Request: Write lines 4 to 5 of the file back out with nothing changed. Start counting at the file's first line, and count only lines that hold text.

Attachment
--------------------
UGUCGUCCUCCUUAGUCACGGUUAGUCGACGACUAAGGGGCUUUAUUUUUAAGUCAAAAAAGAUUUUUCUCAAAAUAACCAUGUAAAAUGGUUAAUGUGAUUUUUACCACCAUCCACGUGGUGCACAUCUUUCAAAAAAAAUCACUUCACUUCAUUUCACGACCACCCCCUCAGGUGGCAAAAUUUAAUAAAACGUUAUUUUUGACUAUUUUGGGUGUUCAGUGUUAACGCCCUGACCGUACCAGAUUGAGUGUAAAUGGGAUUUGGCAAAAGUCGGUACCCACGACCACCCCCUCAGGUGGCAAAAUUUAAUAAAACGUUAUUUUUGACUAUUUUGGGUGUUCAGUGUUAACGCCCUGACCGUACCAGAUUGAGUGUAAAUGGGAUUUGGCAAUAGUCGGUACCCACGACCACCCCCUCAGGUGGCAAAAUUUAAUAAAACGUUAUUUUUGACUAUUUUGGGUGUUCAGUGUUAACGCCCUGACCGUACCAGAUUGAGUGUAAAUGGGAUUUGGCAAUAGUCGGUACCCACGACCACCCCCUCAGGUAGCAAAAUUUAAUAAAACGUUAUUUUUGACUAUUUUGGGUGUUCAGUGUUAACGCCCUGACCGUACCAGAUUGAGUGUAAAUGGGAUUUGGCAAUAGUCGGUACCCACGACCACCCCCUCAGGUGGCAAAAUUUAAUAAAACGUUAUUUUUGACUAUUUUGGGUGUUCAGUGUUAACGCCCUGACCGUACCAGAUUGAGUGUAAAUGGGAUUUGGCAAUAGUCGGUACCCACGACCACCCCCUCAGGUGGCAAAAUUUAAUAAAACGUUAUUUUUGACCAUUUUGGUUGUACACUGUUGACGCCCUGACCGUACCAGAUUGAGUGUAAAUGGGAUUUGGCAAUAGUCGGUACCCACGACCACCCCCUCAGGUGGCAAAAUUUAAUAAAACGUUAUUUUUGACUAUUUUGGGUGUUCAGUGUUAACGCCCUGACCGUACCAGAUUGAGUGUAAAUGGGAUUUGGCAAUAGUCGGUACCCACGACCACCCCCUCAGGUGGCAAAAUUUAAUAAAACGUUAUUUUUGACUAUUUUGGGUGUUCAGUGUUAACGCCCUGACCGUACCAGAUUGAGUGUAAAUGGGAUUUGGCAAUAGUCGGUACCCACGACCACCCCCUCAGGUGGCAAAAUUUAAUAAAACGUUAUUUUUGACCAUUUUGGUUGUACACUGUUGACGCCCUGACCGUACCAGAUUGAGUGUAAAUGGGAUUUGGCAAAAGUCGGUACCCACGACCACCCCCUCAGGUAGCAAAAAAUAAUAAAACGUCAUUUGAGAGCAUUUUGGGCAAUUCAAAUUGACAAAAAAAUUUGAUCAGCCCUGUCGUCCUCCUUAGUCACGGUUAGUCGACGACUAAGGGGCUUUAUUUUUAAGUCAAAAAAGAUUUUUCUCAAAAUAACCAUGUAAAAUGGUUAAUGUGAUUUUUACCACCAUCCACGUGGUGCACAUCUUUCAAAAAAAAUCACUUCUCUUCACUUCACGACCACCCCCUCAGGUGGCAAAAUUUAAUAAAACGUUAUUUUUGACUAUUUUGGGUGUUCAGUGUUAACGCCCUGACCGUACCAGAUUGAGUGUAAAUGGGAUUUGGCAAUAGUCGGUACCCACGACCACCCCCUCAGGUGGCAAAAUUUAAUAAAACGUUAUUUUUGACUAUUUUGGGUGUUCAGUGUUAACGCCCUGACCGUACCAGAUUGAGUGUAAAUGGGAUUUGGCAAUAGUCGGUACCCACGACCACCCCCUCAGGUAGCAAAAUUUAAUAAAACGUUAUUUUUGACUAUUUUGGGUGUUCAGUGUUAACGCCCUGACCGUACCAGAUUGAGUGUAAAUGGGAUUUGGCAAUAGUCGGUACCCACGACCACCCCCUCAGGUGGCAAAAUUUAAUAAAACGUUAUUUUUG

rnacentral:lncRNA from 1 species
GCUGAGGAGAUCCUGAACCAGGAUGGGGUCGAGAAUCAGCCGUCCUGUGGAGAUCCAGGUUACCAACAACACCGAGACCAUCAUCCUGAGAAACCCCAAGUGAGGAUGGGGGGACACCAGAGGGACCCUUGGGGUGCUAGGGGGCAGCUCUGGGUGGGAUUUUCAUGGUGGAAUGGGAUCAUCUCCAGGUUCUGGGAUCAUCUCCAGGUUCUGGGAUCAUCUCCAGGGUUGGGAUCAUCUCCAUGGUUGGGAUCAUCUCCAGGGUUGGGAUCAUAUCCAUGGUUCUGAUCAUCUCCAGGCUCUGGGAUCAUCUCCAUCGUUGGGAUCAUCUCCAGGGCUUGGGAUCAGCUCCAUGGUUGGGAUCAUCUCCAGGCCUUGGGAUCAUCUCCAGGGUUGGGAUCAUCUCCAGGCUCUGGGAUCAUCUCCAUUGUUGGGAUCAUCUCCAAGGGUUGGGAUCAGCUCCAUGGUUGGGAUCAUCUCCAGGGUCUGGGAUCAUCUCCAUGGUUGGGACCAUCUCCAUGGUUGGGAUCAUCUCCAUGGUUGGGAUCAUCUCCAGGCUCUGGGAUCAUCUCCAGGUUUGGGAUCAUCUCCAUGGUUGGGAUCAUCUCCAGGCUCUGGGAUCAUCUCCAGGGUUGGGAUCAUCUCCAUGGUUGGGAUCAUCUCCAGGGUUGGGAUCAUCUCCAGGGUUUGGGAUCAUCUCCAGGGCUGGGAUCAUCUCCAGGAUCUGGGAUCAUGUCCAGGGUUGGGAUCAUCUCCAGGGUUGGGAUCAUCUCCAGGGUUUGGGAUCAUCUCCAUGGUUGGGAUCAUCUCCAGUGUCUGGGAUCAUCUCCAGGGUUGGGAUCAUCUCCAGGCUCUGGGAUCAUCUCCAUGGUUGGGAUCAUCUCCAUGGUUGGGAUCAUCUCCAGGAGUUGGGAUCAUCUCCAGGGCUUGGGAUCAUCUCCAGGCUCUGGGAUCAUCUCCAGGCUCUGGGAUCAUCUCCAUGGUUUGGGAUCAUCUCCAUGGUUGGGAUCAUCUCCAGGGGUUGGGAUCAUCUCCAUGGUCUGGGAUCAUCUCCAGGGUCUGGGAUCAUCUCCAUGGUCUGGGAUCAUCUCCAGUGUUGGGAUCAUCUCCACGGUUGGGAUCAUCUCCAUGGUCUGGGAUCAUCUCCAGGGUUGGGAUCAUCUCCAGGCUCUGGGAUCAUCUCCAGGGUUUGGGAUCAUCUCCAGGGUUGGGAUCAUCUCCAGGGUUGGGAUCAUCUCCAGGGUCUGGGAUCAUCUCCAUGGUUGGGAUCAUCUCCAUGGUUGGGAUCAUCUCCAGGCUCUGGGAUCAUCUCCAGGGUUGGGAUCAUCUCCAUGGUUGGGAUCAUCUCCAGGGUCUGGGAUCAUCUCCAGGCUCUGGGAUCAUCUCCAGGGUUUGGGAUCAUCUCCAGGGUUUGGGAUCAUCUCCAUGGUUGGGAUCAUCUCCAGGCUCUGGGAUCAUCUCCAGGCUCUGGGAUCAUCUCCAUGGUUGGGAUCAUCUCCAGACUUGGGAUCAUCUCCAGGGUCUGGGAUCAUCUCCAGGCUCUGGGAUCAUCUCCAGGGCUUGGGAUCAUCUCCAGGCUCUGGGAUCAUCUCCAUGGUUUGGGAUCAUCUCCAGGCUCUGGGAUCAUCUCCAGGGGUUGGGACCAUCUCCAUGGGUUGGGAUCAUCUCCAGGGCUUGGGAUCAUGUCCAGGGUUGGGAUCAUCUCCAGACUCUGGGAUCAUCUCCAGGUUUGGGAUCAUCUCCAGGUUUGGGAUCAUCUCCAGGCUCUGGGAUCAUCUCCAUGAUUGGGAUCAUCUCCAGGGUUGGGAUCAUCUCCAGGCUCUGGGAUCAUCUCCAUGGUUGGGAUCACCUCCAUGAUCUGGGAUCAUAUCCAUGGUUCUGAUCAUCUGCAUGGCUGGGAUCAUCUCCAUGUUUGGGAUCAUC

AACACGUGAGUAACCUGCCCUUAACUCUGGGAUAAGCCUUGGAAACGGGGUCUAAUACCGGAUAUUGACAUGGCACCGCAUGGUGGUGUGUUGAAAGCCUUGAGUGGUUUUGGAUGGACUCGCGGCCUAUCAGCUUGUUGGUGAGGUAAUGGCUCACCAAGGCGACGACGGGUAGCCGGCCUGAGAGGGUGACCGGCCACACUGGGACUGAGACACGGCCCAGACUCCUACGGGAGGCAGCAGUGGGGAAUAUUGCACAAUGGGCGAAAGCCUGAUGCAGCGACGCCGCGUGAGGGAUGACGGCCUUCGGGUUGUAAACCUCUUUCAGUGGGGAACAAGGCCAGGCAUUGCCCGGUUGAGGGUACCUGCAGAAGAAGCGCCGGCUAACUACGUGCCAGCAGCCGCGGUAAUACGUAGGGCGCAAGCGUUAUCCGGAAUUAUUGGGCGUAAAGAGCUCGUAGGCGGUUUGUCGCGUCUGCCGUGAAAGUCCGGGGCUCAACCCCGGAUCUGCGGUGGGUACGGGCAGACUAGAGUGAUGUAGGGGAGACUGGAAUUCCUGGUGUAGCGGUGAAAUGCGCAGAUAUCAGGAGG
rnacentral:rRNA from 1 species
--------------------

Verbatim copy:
AACACGUGAGUAACCUGCCCUUAACUCUGGGAUAAGCCUUGGAAACGGGGUCUAAUACCGGAUAUUGACAUGGCACCGCAUGGUGGUGUGUUGAAAGCCUUGAGUGGUUUUGGAUGGACUCGCGGCCUAUCAGCUUGUUGGUGAGGUAAUGGCUCACCAAGGCGACGACGGGUAGCCGGCCUGAGAGGGUGACCGGCCACACUGGGACUGAGACACGGCCCAGACUCCUACGGGAGGCAGCAGUGGGGAAUAUUGCACAAUGGGCGAAAGCCUGAUGCAGCGACGCCGCGUGAGGGAUGACGGCCUUCGGGUUGUAAACCUCUUUCAGUGGGGAACAAGGCCAGGCAUUGCCCGGUUGAGGGUACCUGCAGAAGAAGCGCCGGCUAACUACGUGCCAGCAGCCGCGGUAAUACGUAGGGCGCAAGCGUUAUCCGGAAUUAUUGGGCGUAAAGAGCUCGUAGGCGGUUUGUCGCGUCUGCCGUGAAAGUCCGGGGCUCAACCCCGGAUCUGCGGUGGGUACGGGCAGACUAGAGUGAUGUAGGGGAGACUGGAAUUCCUGGUGUAGCGGUGAAAUGCGCAGAUAUCAGGAGG
rnacentral:rRNA from 1 species